The team’s resource allocation model tries to achieve a data-driven optimal balance between fairness and diversity. The researchers used publicly available data on COVID-19 rates in New York City, Chicago, and Baltimore, as well as population data collected by the United States census. Certain ZIP code areas in these cities would receive a very different amount of resources using the proposed fair-diverse allocation strategy versus a geographical diversity-only or a fairness-only strategy.
“On one hand, it shows the effectiveness of the proposed approach,” Kang says. “On the other hand, it shows how different communities in segregated cities such as Chicago and New York had significantly different degrees of risk and vulnerability to the pandemic.”
The research team aggregated COVID-19 case data and other demographic data, such as age, gender, and race, to estimate the risks of COVID-19 exposure at the ZIP code level. The allocation strategy was adjusted to ZIP code level as this data was not detailed at the individual level.
“Some of the ZIP code areas that should be prioritized by our approach in fact were among the first several ZIP code areas where Chicago gave vaccine access to all their residents,” Kang says. “So I am excited that our research is consistent with our city’s policy, to a degree.”
Illinois Institute of Technology
Illinois Institute of Technology, also known as Illinois Tech, is a private, technology-focused research university. Illinois Tech is the only university of its kind in Chicago, and its Chicago location offers students access to the world-class resources of a great global metropolis. It offers undergraduate and graduate degrees in engineering, computing, architecture, business, design, science and human sciences, and law. One of 22 institutions that comprise the Association of Independent Technological Universities, Illinois Tech provides an exceptional education centered on active learning, and its graduates lead the state and much of the nation in economic prosperity. Illinois Tech uniquely prepares students to succeed in professions that require technological sophistication, an innovative mindset, and an entrepreneurial spirit. Visit iit.edu.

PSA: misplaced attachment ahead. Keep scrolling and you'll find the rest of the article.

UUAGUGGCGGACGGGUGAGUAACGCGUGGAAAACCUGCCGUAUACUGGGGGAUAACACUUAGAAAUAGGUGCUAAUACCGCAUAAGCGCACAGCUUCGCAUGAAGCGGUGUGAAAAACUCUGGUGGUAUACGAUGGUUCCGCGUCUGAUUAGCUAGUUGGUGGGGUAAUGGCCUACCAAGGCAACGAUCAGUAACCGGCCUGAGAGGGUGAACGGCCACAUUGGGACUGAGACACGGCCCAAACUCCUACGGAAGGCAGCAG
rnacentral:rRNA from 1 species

College of Computing
Illinois Tech created the College of Computing in 2020 as part of an effort to drive Chicago’s thriving tech ecosystem by educating a future diverse workforce that is rigorously trained in data and computation. Illinois Tech is home to the Midwest's only Bachelor of Science in Artificial Intelligence degree, and the numerous cybersecurity and intelligence pathways at Illinois Tech explore not only the deep foundations of fast-growing fields of computer science, but also emphasize societal ethics in developing this technology. The United States Department of Homeland Security and the National Security Agency have designated Illinois Institute of Technology (Illinois Tech) as a National Center of Academic Excellence in Cyber Defense Education. The university’s Center for Cyber Security and Forensics Education (C2SAFE) is at the core of Illinois Tech’s designation. Additionally, the center is a member of the United States Strategic Command (USSTRATCOM) Academic Alliance and North American Defense and Security Academic Alliance (NADSAA).